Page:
Today, when we hear the term “the dismal science,” it’s typically in reference to economics’ most depressing outcomes (e.g.: on globalization killing manufacturing jobs: “well, that’s why they call it the dismal science,” etc). In other words, we’ve tended to align ourselves with Carlyle to acknowledge that an inescapable element of economics is human misery.
But the right etymology turns that interpretation on its head. In fact, it aligns economics with morality, and against racism, rather than with misery, and against happiness. Carlyle couldn’t find a justification for slavery in political economic thought, and he considered this fact to be “dismal.” Students of economics should be proud: Their “science” was then (as it can be, today) a force for a more just and, crucially, less dismal world.

Diane Coyle, definendo l’economia la soulful science in opposizione alla dismal science, ignora la verità ora ristabilita. Scrive, infatti, a pagina 39:

It [An Essay on the Principle of Population] also earned economics the description “the dismal science” from historian Thomas Carlyle.

* * *

Sono passati 7 anni da quando ho letto questo libro e non posso dire di averne conservato un’impressione vivida. Ma per fortuna avevo preso degli appunti e sono quindi in grado di segnalarvi tre passi in materia di economia dell’informazione, di reti e di istituzioni, rispettivamente.

Looking at the availability of information, and how it shapes individual decisions, goes to the heart of whether and when markets deliver individually and socially desirable outcomes. People often have access to different information or are uncertain about its reliability – described as information asymmetries – so their decisions will be formed accordingly. Their behavior might be intended to share information, which Is known as signaling. Or the asymmetry will affect their behavior in ways which lead to a less desirable outcome, giving rise to adverse selection. Asymmetric information likewise might give people incentives to behave in undesirable ways from the perspective of the wider market or society, causing the problem of moral hazard.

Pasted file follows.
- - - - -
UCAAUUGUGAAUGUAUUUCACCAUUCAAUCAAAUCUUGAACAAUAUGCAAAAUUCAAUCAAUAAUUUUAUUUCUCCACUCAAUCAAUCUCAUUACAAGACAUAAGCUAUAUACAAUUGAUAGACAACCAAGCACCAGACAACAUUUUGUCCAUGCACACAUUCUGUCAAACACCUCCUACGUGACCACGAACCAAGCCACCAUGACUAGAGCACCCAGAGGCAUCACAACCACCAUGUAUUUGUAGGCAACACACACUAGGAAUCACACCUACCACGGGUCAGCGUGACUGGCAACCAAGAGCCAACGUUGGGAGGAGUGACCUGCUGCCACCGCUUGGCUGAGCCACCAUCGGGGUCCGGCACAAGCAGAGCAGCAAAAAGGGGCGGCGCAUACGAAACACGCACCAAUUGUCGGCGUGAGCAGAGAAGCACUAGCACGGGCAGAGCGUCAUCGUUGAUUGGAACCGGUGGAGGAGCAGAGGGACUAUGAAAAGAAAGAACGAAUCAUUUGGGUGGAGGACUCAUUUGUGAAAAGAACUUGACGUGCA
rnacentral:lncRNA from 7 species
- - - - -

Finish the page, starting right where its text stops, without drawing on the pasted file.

In addition, information is in many ways a public good. Its use by one person doesn’t use it up at all (it is nonrival or infinitely expansible), and if known by one it readily spills over to others (it is to a large extent nonappropriable). These characteristics were most elegantly and famously expressed by Thomas Jefferson: “He who receives an idea from me receives [it] without lessening [me], as he who lights his [candle] at mine receives light without darkening me.” Recall […] the importance of knowledge spillovers in growth theory – knowledge is the word used for information in that particular context, trying to understand innovation. Even if it is possible to prevent others from acquiring information, it is likely to be socially inefficient to keep it private. Furthermore, the quality of a piece of information can’t be assessed before it’s acquired, so trust and reputation are likely to matter.